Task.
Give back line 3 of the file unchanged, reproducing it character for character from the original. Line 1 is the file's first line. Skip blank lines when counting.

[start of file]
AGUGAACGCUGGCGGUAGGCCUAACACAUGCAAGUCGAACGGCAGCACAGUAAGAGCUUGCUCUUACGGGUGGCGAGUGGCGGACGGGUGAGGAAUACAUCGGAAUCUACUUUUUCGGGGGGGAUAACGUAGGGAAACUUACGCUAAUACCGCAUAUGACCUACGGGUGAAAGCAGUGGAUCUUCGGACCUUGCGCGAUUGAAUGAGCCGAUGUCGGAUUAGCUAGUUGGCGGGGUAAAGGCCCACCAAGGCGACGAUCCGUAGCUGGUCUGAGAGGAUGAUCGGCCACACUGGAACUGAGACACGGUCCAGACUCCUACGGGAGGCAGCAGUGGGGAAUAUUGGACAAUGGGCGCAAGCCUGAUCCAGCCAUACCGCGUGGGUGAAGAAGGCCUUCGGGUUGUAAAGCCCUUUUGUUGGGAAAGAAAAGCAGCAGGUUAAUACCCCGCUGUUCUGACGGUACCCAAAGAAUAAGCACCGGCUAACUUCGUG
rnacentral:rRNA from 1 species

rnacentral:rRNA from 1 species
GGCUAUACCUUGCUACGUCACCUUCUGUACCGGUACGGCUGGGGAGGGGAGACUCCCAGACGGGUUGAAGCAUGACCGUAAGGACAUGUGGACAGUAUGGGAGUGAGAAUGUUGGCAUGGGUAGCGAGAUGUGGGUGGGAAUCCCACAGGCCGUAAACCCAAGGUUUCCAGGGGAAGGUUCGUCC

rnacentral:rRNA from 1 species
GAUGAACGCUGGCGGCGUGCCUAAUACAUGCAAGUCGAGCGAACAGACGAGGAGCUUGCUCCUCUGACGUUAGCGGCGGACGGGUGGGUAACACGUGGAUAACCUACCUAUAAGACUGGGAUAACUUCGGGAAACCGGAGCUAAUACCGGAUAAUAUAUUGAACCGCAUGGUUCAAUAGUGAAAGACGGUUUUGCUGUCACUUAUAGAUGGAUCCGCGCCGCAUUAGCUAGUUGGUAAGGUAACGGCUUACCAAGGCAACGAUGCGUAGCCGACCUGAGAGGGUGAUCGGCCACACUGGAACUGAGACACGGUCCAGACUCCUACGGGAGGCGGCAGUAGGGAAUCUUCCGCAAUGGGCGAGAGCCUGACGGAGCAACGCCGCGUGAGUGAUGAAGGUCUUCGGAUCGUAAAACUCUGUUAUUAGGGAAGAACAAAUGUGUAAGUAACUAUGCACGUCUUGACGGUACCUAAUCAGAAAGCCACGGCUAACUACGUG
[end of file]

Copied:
rnacentral:rRNA from 1 species